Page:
When I got home I made a beeline for the kitchen, wrapping food items with care, and placing them in a still perfectly functional backpack from the previous school year.  I sneaked up the stairs, trying not to draw my family’s attention as I frantically looked around, surveying the endless shelves and piles of stuff for worthy offerings.  I grabbed a Smithsonian magazine and a book of crossword puzzles unused by my children at camp.  And then I finally saw it, the perfect gift, making me giggle as I touched them one last time.  I lovingly placed my most wonderfully cozy and warm pair of socks into the bag.  They had been given to me by my husband, brought home from our family’s clothing store.   Indulgently unnecessary, they were the perfect gift for someone who had everything and wanted of nothing.  They were the perfect gift for my new friend Dorothy.

When I raced back to the park I was relieved to find Dorothy still on her bench, peaked hood down and re-rooted in the earth.  I experienced a rush of gratitude as she lifted her head once more and returned my greetings.  Like a child I described my offerings as I pulled each from the bag.  Only mildly feigning interest, she accepted my gifts and thanked me by name, sealing the exquisite moment of connection that I continue to cherish today.

Giving Thanks for My Name

I’ve always felt strongly about names.   A good name can provide you with a sense of history, direction and character. It grounds you while at the same time giving you wings.

My name- Mara- means many things.  As a child I first learned of its Hebrew meaning, “bitter.”  My Mother liked to tell me that the local Rabbi had tried to persuade her to choose a better name, even offering Miriam as a more suitable alternative.  He said that Mara was no name for the promise of a Jewish baby, but my mother had been adamant, and Mara I was.  Over the years I have searched for other more nuanced meanings of my name, hoping for something slightly more positive or inspiring. But somehow I always got stuck with the Biblical translation; that is, until I met the Sisters.

The moment I introduced myself things got weird.  “Hi, I’m Mara,” I said.  They had looked at me with interest, asking me to spell my name- M. A. R. A.    “What do you do?”- it was a seemingly innocent question posed with expectant eyes. I overflowed with enthusiasm, describing my then position at the University at Buffalo, brokering partnerships with area schools, working to support the promise of education.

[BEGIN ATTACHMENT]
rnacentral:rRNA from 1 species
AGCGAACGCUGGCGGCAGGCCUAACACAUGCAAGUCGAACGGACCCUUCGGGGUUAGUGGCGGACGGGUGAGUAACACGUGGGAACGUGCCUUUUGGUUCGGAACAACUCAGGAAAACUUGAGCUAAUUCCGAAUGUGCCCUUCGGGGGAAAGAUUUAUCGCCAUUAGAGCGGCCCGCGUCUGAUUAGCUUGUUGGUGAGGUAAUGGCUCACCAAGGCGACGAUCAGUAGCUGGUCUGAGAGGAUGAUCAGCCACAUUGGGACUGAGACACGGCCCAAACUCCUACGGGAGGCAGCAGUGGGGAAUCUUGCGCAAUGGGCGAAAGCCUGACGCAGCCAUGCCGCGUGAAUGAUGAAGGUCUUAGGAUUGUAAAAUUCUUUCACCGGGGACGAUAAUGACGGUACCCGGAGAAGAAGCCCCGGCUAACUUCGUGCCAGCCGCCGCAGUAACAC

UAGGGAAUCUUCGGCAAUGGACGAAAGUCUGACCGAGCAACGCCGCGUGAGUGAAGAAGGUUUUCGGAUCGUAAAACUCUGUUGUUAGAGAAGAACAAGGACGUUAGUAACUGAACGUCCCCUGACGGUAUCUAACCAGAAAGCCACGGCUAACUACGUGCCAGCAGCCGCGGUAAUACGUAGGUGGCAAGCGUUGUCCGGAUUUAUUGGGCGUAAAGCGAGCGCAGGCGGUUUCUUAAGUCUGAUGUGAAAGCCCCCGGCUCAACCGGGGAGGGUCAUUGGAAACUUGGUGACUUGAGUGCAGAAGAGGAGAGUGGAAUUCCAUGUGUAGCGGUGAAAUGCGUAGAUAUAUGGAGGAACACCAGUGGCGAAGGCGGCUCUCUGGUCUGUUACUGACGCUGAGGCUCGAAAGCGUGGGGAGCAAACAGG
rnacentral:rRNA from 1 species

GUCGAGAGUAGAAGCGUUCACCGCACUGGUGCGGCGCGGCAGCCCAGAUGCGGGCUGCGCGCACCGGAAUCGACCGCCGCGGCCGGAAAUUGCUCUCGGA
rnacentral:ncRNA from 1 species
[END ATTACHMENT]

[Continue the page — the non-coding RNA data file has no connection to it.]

Time stopped and the air grew fuzzy.  Why were they staring at me?  I could feel the weight of coincidence before it was revealed.  They had traveled from the Mara Region of Tanzania- spelled and pronounced exactly the same- and were seeking partners to help them build a school for girls.

Honestly, what were the odds?  It was Christmas day and the two nuns- Sister Janepha and Sister Agnes were last minute guests at my mother-in-law’s.  They explained that in rural Tanzania, where 80% of the population live, girls are traded into marriage at an early age, left to endure lives of suffering and hardship with no hope of upward mobility.  There, like in our own country, education is the only pathway to prosperity- but because there is not enough money, girls are forced to marry, as families look to their boys to invest their precious resources and hopes for the future.   By the end of their visit the Sisters had asked me to help them, or at least that’s what I recall.  As a mother of four young children (3 girls and 1 boy), their vision represented everything I believed in and was working towards.  And how could I ignore the significance of the name?

I’m still not sure what to make of this story. I have never been what you would call a religious person- or a fatalist- but it’s hard to deny the significance of our initial meeting or all that has since transpired.    So many gifts have been given and received since that Christmas day six years ago.  And there are so many stories yet to be told.

Since meeting the Sisters in 2007 I have visited the Mara region on two occasions, taking a bridge across the Mara River, gazing toward the Masai Mara Reserve, and being welcomed by countless countrymen who smiled when they heard my name and its significance.  I came back feeling so inspired that following my second trip in 2011 I did yet another internet name search.  This time I typed in “the name Mara in Africa” and thankfully the word “bitter” did not appear.  Instead, it said that in Africa people named Mara have a deep inner desire for love and companionship and want to work with others to achieve peace and harmony.  It also said that in Kiswahili, the National language of Tanzania, the name Mara means “a time.”

I know from my travels that time in Tanzania is thought of quite differently than it is here.  There, time is said to be elastic, meaning that it stretches and changes with the rhythms and demands of life. In Tanzania things take as long as they take.  Movement is not forced or imposed but crawls forward on its own accord, little by little -or as they say, “pole pole”).    As a person who has always been terribly impatient, trying to peek ahead and force movement at every turn, this discovery about my name still makes me giggle.

Since meeting the Sisters (Immaculate Heart Sistes of Africa), and helping to start ourTanzania project I have had many more “chance” encounters with amazing people who continue to enrich my life in so many ways. And so on this Thanksgiving weekend as I count my many blessings I would like to  thank those of you who have been part of the BTEP journey …. and my parents for giving me such a wonderful name….